Special schools. (a) The General Assembly may provide by law for the creation of special schools in such areas as may require them and may provide for the participation of local boards of education in the establishment of such schools under such terms and conditions as it may provide; but no bonded indebtedness may be incurred nor a school tax levied for the support of special schools without the approval of a majority of the qualified voters voting thereon in each of the systems affected. Any special schools shall be operated in conformity with regulations of the State Board of Education pursuant to provisions of law. The state is authorized to expend funds for the support and maintenance of special schools in such amount and manner as may be provided by law.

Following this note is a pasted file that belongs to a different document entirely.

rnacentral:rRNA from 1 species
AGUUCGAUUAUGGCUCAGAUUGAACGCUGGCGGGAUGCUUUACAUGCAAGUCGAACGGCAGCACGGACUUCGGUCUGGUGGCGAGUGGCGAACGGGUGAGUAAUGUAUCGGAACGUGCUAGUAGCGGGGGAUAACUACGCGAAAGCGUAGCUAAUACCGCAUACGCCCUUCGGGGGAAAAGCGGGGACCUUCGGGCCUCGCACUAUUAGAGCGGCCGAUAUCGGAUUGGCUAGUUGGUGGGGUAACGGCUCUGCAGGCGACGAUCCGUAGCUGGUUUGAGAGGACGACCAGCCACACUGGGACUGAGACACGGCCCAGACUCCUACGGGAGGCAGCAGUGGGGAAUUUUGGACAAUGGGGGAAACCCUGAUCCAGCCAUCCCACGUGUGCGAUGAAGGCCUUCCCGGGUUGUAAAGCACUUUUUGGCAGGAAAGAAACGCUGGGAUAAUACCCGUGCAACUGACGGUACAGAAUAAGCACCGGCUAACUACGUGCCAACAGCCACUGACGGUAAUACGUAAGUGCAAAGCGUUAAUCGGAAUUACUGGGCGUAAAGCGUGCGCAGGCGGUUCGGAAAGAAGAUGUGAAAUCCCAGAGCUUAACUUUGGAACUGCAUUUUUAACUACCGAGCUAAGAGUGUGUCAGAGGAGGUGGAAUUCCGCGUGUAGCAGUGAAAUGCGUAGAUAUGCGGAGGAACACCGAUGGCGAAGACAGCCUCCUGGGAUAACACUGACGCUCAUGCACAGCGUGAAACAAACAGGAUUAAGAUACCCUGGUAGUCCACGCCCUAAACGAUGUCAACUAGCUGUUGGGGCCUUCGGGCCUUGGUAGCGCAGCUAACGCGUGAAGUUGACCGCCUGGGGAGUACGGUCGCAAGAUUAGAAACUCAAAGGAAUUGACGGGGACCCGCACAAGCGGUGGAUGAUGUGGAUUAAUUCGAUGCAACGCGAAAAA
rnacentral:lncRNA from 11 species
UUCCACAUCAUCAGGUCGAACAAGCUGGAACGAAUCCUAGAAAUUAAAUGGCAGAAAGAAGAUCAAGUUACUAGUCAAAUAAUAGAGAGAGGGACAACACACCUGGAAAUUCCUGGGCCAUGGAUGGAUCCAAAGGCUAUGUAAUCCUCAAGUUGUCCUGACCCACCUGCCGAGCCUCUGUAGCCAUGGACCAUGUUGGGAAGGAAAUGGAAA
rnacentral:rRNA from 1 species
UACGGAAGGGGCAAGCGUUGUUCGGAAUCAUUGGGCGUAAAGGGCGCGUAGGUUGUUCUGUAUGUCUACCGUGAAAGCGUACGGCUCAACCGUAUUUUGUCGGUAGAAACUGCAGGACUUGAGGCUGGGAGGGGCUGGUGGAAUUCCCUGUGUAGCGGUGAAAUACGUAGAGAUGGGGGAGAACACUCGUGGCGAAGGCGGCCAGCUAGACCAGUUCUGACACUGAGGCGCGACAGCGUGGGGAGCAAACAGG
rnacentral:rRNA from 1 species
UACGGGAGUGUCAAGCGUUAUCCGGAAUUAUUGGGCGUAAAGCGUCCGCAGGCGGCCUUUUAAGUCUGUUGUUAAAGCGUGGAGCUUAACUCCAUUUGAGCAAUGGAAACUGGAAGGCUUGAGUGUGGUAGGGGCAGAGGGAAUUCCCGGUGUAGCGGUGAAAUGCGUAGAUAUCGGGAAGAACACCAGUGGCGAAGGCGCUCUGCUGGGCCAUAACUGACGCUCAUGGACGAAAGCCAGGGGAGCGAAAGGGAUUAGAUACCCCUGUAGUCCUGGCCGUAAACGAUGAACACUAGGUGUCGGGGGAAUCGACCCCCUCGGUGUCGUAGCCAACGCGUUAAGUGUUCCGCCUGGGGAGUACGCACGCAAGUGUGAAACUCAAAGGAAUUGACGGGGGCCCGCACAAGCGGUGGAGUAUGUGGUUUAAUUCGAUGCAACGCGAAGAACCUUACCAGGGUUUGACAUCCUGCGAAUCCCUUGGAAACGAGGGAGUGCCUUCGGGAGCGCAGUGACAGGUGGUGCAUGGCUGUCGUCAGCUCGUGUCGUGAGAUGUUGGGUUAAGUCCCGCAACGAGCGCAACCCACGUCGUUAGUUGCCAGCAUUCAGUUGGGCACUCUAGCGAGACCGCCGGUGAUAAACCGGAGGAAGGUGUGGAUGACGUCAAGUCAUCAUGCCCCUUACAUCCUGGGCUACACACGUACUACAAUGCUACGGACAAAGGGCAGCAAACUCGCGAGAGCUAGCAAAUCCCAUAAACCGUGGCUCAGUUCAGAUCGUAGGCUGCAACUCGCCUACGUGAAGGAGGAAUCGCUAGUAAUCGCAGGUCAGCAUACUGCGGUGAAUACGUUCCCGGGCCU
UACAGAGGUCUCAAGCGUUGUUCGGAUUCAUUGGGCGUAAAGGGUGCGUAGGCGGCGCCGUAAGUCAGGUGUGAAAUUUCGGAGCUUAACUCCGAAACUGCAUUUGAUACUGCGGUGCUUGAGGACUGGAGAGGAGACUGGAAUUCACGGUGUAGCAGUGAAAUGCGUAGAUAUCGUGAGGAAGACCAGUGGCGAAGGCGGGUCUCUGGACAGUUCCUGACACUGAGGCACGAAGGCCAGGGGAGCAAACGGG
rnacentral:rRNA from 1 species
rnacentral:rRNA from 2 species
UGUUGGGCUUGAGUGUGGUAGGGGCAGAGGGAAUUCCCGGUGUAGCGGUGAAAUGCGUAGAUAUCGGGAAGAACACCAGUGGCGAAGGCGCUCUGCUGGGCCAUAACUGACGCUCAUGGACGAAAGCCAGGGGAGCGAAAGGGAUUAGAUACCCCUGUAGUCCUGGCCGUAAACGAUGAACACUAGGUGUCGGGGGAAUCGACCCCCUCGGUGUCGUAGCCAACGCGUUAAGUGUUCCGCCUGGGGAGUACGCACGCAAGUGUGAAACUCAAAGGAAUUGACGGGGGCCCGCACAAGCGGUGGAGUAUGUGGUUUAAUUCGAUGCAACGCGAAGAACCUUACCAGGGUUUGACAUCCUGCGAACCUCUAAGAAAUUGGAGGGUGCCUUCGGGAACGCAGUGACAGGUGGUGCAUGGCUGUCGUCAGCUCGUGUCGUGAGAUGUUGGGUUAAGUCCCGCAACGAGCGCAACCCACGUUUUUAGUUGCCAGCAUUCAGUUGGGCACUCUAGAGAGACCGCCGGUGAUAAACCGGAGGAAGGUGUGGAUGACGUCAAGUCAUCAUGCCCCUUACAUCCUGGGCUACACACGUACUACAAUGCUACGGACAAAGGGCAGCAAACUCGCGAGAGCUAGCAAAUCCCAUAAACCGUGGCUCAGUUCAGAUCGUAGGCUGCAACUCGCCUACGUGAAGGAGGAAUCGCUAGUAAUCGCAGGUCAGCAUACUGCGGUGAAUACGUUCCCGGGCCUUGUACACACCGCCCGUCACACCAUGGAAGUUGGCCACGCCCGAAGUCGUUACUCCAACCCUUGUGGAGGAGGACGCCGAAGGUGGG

Read in context, Paragraphs I–III of this section of the Constitution plainly create a public education scheme in which every county, as well as every existing area and independent school system, has an elected board of education and a school superintendent who are charged with establishing, maintaining, managing, and controlling the public schools in their respective jurisdictions (limits). There is no restriction on the types of students these schools can serve or the types of subjects these schools can teach. The General Assembly and the local school systems have very limited authority to alter the school system structure; no new independent school systems can be established, and no consolidation of existing systems can be accomplished except by act of the General Assembly approved by the voters of the affected systems.